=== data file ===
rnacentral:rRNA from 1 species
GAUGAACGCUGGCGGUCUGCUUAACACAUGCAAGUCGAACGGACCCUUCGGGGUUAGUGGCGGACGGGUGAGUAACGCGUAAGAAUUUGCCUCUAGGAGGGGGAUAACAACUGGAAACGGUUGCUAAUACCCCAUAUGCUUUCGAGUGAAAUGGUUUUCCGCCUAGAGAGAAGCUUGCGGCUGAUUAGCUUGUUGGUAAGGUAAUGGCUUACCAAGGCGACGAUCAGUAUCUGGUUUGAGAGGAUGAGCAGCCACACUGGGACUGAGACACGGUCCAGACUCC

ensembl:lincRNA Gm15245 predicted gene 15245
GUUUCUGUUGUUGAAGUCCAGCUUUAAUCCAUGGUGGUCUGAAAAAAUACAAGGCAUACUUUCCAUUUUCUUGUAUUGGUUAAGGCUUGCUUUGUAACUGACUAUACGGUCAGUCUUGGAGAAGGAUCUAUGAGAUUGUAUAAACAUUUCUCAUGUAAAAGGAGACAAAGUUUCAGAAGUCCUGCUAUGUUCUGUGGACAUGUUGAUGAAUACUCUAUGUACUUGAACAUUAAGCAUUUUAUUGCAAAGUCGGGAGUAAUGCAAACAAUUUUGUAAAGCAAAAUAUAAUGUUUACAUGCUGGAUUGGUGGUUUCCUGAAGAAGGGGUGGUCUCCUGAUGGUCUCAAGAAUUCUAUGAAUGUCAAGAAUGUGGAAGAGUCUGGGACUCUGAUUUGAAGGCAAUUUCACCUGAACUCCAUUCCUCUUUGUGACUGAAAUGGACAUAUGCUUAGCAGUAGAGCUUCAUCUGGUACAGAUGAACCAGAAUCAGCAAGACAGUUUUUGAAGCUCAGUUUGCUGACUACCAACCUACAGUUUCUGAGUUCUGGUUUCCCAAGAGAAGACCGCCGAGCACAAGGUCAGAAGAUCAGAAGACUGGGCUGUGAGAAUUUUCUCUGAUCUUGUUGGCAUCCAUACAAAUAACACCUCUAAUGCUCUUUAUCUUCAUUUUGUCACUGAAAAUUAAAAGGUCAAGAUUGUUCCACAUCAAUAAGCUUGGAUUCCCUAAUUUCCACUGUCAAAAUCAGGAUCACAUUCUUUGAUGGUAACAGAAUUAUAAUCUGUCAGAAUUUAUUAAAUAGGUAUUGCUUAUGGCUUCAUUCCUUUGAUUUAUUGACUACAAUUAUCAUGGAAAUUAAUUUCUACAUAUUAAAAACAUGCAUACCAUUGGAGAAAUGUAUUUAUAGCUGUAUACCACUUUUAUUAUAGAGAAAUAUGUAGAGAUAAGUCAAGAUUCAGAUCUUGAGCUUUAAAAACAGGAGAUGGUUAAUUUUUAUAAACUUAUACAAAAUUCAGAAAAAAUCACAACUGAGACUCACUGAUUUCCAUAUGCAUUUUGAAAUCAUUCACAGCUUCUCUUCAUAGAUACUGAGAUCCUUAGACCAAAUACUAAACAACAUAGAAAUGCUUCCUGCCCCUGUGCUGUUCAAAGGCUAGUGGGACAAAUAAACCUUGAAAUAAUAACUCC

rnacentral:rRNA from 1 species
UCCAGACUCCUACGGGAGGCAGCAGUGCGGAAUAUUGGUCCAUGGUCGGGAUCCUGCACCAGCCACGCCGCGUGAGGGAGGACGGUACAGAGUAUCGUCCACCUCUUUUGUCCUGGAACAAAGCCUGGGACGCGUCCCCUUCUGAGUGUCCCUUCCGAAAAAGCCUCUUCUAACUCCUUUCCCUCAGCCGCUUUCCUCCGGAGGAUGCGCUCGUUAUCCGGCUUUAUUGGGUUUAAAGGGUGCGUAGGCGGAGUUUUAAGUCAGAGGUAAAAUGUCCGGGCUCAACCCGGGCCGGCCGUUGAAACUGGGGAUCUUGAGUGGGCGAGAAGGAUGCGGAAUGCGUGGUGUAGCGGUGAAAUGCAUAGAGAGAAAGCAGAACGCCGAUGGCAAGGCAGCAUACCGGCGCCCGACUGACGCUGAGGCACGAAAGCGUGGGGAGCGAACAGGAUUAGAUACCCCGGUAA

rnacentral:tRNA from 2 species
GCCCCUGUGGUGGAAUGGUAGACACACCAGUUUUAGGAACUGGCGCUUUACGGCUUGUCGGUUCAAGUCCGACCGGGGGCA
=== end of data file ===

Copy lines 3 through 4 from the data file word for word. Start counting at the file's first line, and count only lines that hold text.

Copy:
ensembl:lincRNA Gm15245 predicted gene 15245
GUUUCUGUUGUUGAAGUCCAGCUUUAAUCCAUGGUGGUCUGAAAAAAUACAAGGCAUACUUUCCAUUUUCUUGUAUUGGUUAAGGCUUGCUUUGUAACUGACUAUACGGUCAGUCUUGGAGAAGGAUCUAUGAGAUUGUAUAAACAUUUCUCAUGUAAAAGGAGACAAAGUUUCAGAAGUCCUGCUAUGUUCUGUGGACAUGUUGAUGAAUACUCUAUGUACUUGAACAUUAAGCAUUUUAUUGCAAAGUCGGGAGUAAUGCAAACAAUUUUGUAAAGCAAAAUAUAAUGUUUACAUGCUGGAUUGGUGGUUUCCUGAAGAAGGGGUGGUCUCCUGAUGGUCUCAAGAAUUCUAUGAAUGUCAAGAAUGUGGAAGAGUCUGGGACUCUGAUUUGAAGGCAAUUUCACCUGAACUCCAUUCCUCUUUGUGACUGAAAUGGACAUAUGCUUAGCAGUAGAGCUUCAUCUGGUACAGAUGAACCAGAAUCAGCAAGACAGUUUUUGAAGCUCAGUUUGCUGACUACCAACCUACAGUUUCUGAGUUCUGGUUUCCCAAGAGAAGACCGCCGAGCACAAGGUCAGAAGAUCAGAAGACUGGGCUGUGAGAAUUUUCUCUGAUCUUGUUGGCAUCCAUACAAAUAACACCUCUAAUGCUCUUUAUCUUCAUUUUGUCACUGAAAAUUAAAAGGUCAAGAUUGUUCCACAUCAAUAAGCUUGGAUUCCCUAAUUUCCACUGUCAAAAUCAGGAUCACAUUCUUUGAUGGUAACAGAAUUAUAAUCUGUCAGAAUUUAUUAAAUAGGUAUUGCUUAUGGCUUCAUUCCUUUGAUUUAUUGACUACAAUUAUCAUGGAAAUUAAUUUCUACAUAUUAAAAACAUGCAUACCAUUGGAGAAAUGUAUUUAUAGCUGUAUACCACUUUUAUUAUAGAGAAAUAUGUAGAGAUAAGUCAAGAUUCAGAUCUUGAGCUUUAAAAACAGGAGAUGGUUAAUUUUUAUAAACUUAUACAAAAUUCAGAAAAAAUCACAACUGAGACUCACUGAUUUCCAUAUGCAUUUUGAAAUCAUUCACAGCUUCUCUUCAUAGAUACUGAGAUCCUUAGACCAAAUACUAAACAACAUAGAAAUGCUUCCUGCCCCUGUGCUGUUCAAAGGCUAGUGGGACAAAUAAACCUUGAAAUAAUAACUCC